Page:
A Quick Study in Behavioural Economics

By Peter Antonioni, Manzur Rashid

The financial crisis caused many economists to re-examine a lot of old questions in microeconomics. One is the extent to which people are rational in the economic sense ‒ choosing the best they can do for the budget they have. If they aren’t, a number of results, like the predictions of what kind of equilibria will exist in a market, can’t work ‒ and you have to throw out over 100 years of research into microeconomics.

Fortunately, the news so far isn’t catastrophic! Instead, it points to people being boundedly rational: that is, they more or less try to do the best they can, but their decision-making isn’t perfect and they’re prone to a number of systematic biases.

Economists have been drawing on results from psychologists to refine their models. The area of — largely — microeconomics that studies this problem is called behavioural economics. It uses lab experiments and other data to get a handle on how to adapt the utility-maximising model to try and make it more realistic and predictively better.

Some interesting examples have already come out of how people’s biases affect their decisions. For a start, take the way a problem is framed. If your doctor told you that you could take medicine to clear up a cold in seven days, but if you left it to itself it could take a week, would you take the medicine? The first part is framed more positively, and so behavioural economics predicts that you’d choose the former!

Picking up some behavioural economics is a good idea, whether you want to model those choices or just arm yourself with some self-defence against certain selling tactics. When, for example, restaurant sommeliers describe a more expensive bottle of wine to you, they’re framing your choice in some way. If you know a wine is expensive, you’re more likely to rate it as higher quality, even though you’d be unable to distinguish it from cheap plonk in a blind test.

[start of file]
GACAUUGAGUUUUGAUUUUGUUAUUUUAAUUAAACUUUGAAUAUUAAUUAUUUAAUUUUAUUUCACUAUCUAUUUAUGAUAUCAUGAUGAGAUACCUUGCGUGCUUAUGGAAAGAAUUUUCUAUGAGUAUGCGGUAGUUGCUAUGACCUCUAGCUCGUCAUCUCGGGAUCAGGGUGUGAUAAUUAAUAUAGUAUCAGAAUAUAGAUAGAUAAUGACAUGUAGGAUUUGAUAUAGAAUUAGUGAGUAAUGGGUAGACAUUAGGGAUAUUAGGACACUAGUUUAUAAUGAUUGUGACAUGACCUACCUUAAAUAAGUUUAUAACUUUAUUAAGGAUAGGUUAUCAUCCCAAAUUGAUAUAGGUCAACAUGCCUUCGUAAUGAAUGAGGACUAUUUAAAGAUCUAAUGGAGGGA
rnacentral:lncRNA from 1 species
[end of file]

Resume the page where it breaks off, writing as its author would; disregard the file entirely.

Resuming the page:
Finding people’s biases and exploring them leads to interesting outcomes. One is that choice isn’t necessarily a good thing in all circumstances. In one experiment, people were more likely to buy from a stall containing a small number of products than one with a larger number. Why? Well, although more people stopped at the larger display, they were overwhelmed by the amount of choice available and didn’t buy anything!

When risk or uncertainty is involved, the biases are sometimes stunning! Ask yourself whether you’d prefer to be given £100 or enter a lottery where you have a 1 in 10 chance of winning £1,000.

You may not realise but, rationally, you’ve been offered the same thing in both cases: you get expected outcome by multiplying outcome by probability and so both offers amount to £100! But would you prefer the risk of not receiving the money — 9 times out of 10 you’d get nothing with the second offer!

If people aren’t rational in the way the utility model says, does it matter? Well, the answer depends on what you want to model and why you want to do so. If you want to see how markets work on average and don’t mind having to qualify your answer with a ‘more or less’, it probably doesn’t particularly matter.

Even if you do use behavioural data to inform you, it may not predict what a given individual does in that situation. But when you need explanations for why the predicted equilibrium may not be holding, adapting models in the light of behavioural conditions may be just what you need.